Michael Chicvak gazed out the window of his Kings Park home last week, admiring the deer and red-tailed hawks that he said regularly visit. The pond and woods on the 50-acre property behind his Twin Oaks Drive home provide a sense of solitude for Chicvak, his wife, Joanne, and their three children.
"It's so quiet," Chicvak, 60, said, "that I can hear the cars on the Sagtikos."
But the Smithtown schoolteacher fears that could change if a 199-unit senior housing complex called the Uplands at St. Johnland is built in those woods. He said traffic and noise caused by the project -- proposed by nearby St. Johnland Nursing Center -- would despoil life on the block.
"This really just completely changes the complexion of why we bought this house and changes the nature of the neighborhood," Chicvak said. "It's truly frightening."
For more than a century, St. Johnland has provided a home to elderly residents requiring acute care, on bucolic grounds just east of Sunken Meadow State Park.
But the nonprofit's plans -- for a three-story building containing 175 apartments and town houses, 24 assisted living units and skilled nursing services -- have some residents worried that the project will shatter the tranquillity they treasure.
The proposal is so different from traditional senior housing that it requires a change to the town zoning code, adding a new category: continuing care retirement community. The town board plans to hold a public hearing on the proposal Thursday at 7 p.m. at the town senior center, 420 Middle Country Rd.
St. Johnland chief executive Mary Jean Weber said the Uplands would allow seniors to stay near family and friends while living in a building staffed by medical professionals. The plans were designed by Dallas-based Greenbrier Development, and the facility would be run by St. Johnland.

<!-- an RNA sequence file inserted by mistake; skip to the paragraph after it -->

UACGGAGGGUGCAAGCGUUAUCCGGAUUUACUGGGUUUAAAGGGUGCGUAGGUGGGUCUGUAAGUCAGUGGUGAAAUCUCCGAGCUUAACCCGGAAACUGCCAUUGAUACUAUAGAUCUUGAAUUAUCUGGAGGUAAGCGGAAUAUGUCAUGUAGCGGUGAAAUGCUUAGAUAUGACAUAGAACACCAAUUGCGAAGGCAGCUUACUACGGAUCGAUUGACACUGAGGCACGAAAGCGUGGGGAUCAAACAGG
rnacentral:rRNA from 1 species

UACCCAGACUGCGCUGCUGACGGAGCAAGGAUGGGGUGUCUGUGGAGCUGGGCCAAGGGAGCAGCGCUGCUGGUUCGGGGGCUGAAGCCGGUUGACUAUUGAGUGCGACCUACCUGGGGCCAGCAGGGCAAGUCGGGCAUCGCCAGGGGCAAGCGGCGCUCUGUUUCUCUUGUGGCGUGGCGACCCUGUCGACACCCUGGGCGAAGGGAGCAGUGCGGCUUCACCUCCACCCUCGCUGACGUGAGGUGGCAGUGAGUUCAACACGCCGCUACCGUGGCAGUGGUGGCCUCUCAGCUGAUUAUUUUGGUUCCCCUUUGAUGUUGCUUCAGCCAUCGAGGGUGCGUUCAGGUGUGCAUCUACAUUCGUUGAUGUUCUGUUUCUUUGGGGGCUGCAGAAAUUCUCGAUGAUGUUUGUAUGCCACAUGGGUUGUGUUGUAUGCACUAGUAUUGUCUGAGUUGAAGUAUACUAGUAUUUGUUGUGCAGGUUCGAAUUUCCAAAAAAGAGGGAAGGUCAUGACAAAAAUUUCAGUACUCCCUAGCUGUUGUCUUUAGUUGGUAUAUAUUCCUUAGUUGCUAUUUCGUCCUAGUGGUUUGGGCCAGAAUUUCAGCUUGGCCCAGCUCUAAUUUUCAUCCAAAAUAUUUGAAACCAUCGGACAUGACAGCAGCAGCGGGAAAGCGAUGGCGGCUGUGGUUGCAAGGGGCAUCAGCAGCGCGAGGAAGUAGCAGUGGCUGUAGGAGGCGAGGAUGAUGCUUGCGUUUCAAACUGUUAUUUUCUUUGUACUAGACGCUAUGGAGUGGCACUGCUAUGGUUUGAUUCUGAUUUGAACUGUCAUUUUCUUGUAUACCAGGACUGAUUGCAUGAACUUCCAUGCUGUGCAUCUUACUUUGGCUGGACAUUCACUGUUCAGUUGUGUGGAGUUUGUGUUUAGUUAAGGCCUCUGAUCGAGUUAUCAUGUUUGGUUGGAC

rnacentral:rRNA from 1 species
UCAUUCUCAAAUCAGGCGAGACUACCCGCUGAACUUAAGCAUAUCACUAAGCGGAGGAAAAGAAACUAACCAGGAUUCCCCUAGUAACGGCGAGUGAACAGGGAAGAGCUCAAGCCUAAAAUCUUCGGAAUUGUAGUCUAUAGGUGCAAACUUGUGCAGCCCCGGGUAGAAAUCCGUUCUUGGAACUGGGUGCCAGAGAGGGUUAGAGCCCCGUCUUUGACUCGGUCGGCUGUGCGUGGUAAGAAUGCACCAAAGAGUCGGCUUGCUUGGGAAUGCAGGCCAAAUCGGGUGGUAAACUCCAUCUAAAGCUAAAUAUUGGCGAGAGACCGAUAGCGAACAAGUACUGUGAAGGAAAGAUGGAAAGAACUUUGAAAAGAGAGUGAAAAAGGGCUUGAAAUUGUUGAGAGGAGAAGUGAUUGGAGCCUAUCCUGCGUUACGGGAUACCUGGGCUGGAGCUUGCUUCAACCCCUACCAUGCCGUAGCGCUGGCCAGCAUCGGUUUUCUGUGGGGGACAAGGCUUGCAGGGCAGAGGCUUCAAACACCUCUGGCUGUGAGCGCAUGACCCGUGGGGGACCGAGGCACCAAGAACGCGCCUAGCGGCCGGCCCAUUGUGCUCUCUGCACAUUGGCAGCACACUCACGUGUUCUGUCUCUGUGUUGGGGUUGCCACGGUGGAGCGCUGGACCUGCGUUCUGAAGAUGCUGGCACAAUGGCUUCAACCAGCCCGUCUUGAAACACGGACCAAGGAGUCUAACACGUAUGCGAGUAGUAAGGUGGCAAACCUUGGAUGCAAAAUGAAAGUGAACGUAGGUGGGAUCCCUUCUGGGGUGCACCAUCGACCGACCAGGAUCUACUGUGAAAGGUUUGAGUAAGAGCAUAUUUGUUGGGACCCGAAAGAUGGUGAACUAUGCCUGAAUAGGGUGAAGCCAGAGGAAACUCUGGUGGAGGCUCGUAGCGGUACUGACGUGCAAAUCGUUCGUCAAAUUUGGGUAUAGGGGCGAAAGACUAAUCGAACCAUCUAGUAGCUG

"It will be a very attractive site," she said. "It is a service that is really needed in our community."
Units would sell for $395,000 to $825,000, according to plans filed with the town.
In ads published in local newspapers, St. Johnland officials said the complex would generate $1.29 million in annual tax revenue, create 500 construction jobs and employ 100 permanent full-time and part-time workers.
But civic activists are wary of the project's size -- and a related proposal to build an effluent field on nearby Meadow Road. They say the facility, part of an upgrade of Suffolk County's Kings Park sewage treatment plant, would create sickening odors.
Town and county officials argue the effluent field is needed because of the sewage plant's low capacity.
But town planning director Frank DeRubeis questioned the field's proposed location on a wooded, 5-acre parcel. "We are kind of concerned about that," he said.
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